OPINION: It’s about time town halls in Spain’s Valencia region opened up to public scrutiny

IT’S perhaps no surprise that a town hall in the Valencia region should be among the most secretive in Spain.

This is the region, after all, which launched the giant Gürtel scandal and has seen a succession of ex-PP bigwigs caught up in sleaze probes.

With ex-leader of Valencia, Eduardo Zaplana, accused of laundering €20million via a series of opaque offshore companies in Andorra and Luxembourg this month, what example is being set?

So the fact that Rojales town hall hides most of its sensitive information, as does Pilar de la Horadada, Guardamar, Javea and many more, is sadly par for the course.

After all, when the money comes rolling in from the Generalitat and central government once a year, transparency is the last thing on the minds of most mayors and councillors.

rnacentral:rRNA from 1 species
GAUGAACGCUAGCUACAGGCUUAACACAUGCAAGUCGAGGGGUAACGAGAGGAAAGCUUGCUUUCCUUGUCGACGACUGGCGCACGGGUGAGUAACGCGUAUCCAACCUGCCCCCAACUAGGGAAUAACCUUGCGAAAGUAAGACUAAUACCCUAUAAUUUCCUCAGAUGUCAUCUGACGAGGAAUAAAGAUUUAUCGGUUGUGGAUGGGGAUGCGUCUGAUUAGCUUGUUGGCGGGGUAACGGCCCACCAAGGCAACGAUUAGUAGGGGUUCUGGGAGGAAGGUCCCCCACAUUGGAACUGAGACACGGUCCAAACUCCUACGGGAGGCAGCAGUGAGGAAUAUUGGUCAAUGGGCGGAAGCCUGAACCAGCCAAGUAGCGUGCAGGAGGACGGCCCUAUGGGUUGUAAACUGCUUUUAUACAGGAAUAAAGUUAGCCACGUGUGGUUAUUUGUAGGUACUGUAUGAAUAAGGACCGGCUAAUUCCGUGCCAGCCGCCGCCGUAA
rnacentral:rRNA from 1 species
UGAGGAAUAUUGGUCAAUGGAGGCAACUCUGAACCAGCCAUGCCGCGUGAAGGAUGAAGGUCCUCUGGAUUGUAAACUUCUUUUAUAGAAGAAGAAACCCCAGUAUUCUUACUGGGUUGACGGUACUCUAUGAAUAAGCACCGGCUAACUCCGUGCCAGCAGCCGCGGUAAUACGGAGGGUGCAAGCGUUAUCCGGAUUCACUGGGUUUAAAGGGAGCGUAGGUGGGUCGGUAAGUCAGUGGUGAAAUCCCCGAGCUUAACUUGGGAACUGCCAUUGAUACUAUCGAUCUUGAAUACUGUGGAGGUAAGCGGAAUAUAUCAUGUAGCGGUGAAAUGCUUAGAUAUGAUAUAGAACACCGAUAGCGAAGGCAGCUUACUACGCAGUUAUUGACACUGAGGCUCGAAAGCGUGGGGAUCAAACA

Ayto Valencia
Valencia’s City Hall, Valencian Community (Image: Flickr)

Working out schemes to syphon it off for themselves, their friends or their families has long been the way things worked.

Nepotism, bumping up invoices, backhanders for contracts, fake expense claims and paying for jobs that don’t exist are just some of the ways to use the revenue.

So it’s great to discover that there are some towns and cities in the region (Denia and Valencia city, in particular, both scoring over 70%) that are actually leading the way in Spain for openness and honesty.

Let’s be clear, this has nothing to do with political allegiance… It’s entirely about the people in charge and whether they want to open up their town halls to public scrutiny.

The good ones clearly understand that their citizens, the taxpayers, have a right to know where their money goes.

It’s a shame that there are still so many dinosaurs still lining themselves up for a fall.


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